When I turned 25 I was at such peace with my age. I was exactly where I wanted to be, everything on my bucket list neatly checked. When I was about to turn 30, I started thinking about what was on my bucket list at that point, what I wanted to have done and experienced by the time I actually turned 30. It wasn't very much or very thrilling, I wanted a change of career, to drive a forklift truck, a trip to the sun with the kids, to visit my grandmother with all three kids... Might not sound like much, but they were on my bucket list. I did some, but not all, and went quite happily into my thirties. Now I'm about to turn 35, and I don't have a bucket list anymore. I don't wish for money, a better career (I love the one I have, and hope to be able to return to it soon!), I don't need a big house or to travel to remote parts of the world. What I really wish for, is time. Time, and everyday life. Small things like making the kids breakfast, seeing them experience new things, learning, having fun... Saying good night and knowing I'll see them in the morning. Those are the things I wish for most of all, and yet they are the things that we all take for granted. The best bits of everyday life turn into little gems of memories, like beads on a strand, and I gingerly collect them; greedily asking for more.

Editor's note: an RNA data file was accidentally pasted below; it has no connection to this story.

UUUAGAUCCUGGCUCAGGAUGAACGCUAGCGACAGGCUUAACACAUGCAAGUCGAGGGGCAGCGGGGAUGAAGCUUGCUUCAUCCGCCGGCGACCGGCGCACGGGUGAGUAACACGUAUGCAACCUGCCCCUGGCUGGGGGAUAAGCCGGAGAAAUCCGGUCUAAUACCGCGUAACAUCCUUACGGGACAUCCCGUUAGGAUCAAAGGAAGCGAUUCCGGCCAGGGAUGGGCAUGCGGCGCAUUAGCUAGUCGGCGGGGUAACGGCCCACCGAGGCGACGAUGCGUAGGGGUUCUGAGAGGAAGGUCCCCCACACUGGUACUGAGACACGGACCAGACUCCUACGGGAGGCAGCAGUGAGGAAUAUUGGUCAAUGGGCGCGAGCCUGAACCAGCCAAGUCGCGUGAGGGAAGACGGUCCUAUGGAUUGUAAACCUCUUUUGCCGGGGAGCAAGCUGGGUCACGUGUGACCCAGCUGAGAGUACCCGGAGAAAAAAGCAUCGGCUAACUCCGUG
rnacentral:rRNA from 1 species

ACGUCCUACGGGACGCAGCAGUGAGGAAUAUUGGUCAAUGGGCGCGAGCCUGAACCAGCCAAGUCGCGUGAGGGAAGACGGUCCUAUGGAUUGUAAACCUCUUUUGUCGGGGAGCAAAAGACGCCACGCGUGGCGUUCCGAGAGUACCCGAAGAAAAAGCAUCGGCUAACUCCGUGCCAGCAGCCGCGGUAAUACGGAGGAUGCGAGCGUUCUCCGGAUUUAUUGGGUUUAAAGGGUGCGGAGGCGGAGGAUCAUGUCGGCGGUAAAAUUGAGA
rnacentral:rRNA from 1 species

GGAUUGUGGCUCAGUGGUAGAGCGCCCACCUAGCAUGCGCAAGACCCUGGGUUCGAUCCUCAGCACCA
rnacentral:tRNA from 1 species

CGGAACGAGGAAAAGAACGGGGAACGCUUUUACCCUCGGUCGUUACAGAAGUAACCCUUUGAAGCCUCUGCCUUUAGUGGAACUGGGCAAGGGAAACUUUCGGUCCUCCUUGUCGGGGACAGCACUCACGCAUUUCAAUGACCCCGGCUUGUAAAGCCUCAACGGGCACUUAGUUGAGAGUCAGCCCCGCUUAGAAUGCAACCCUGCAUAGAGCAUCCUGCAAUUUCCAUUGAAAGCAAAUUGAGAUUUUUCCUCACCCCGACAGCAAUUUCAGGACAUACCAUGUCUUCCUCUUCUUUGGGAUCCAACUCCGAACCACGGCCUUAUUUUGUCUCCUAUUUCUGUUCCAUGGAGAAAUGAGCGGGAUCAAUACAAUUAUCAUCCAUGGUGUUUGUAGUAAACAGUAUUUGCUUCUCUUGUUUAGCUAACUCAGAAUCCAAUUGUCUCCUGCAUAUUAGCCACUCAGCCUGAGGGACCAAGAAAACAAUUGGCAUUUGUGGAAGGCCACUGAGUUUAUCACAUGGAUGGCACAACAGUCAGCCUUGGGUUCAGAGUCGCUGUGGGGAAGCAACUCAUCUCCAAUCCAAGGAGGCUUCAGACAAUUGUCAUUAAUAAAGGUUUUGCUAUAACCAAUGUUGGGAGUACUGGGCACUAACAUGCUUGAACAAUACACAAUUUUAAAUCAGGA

My sweet friends Cattis and Cissi from work, and Cissi's husband Hasse, gave us one of those precious experiences when they offered to take all of us out on their boat. The kids were absolutely thrilled with the idea of going on a boat, visiting a small uninhabited island, roasting marshmallows and going off exploring. It was just magical and beautiful, and seing the kids so happy and excited did wonders for me. More treasured beads for me to collect - the look on my sons faces when they were allowed to try to steer the boat, jumping into the cool water, or simply sitting at the front of the boat as it cut through the water. We climbed into bed way later than their normal bed time, exhausted and sleepy and utterly content.  I'm so, so grateful!